Recently, a friend of mine bought a device for me called a Fitbit. A Fitbit measures the number of steps you take, the distance you walk in a day, the flights of stairs you walk, the amount of sleep you get, and several other things. One of the features of the product is sharing – you can share all of those stats between your friends. I am in decent shape and exercise quite often, so I was excited to get the Fitbit and demolish my friend (all in fun of course)! There is nothing like some good competition to motivate people! Even though I already exercised, I noticed that the Fitbit changed my behavior. Every morning, I now pass the elevator to walk the three flights of stairs to my office. The old saying, “What gets measured gets done” is very true. Because the Fitbit was measuring my flights of stairs, I started climbing them.
The same is true in business. Whatever metrics you measure your employees with, will be what they strive to increase. With the desired end goal in mind, figure out which metrics you will want to use. For example, if you want to encourage speed for your counter guys, then measure the number of new contracts opened each day. If you want to encourage dollars, measure the average contract sum. For different employees, there will be different metrics. For a mechanic, it will most likely relate with the number of repairs or number of hours. For a salesperson, it will be associated with the gross revenue generated. However, you should think of the goal through all aspects, not just the successful way.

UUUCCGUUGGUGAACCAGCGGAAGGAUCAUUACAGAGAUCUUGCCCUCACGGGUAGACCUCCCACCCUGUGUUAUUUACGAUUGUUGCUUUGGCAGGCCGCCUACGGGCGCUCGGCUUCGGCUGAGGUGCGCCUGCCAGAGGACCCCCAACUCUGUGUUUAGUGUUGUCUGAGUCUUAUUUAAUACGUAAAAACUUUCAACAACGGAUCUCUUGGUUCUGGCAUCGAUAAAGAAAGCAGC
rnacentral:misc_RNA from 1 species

You will want to think through your metrics from a negative side as well. Remember the saying, what gets measured gets done. Consider which undesired effects could happen if the metric is achieved. For example, when we had our rental stores, we came up with a bonus plan for our general manager. The bonus was based on the measurement of gross revenue. How could that have a negative side you might ask? Well, the manager hired twice as many employees. Since his measurement had nothing to do with expenses, he didn’t care about them. We subsequently modified the bonus to be based on average revenue per hour worked. He now had two components that he could affect: increase revenue or decrease employee hours.
Once you have determined what you are measuring, make the formula easy. If the formula is too complicated, it won’t be clear what the desired outcome is, or there will be too many factors to figure out how to positively affect the outcome. Also, make the metric transparent. If the employees feel that you are doing something underhanded on the metrics, it will work only to demotivate. Finally, make sure the employees know that you are serious about the metric. Show them that you are paying attention to the measurements whether they are up or down. The accountability that brings to the metric will be the biggest motivator.
So, if you are looking to increase your physical activity, get yourself a Fitbit. It is easy to use, transparent for your friends to see, and holds you accountable to do it. If you are looking to increase your employee’s productivity, pick some metrics and start measuring!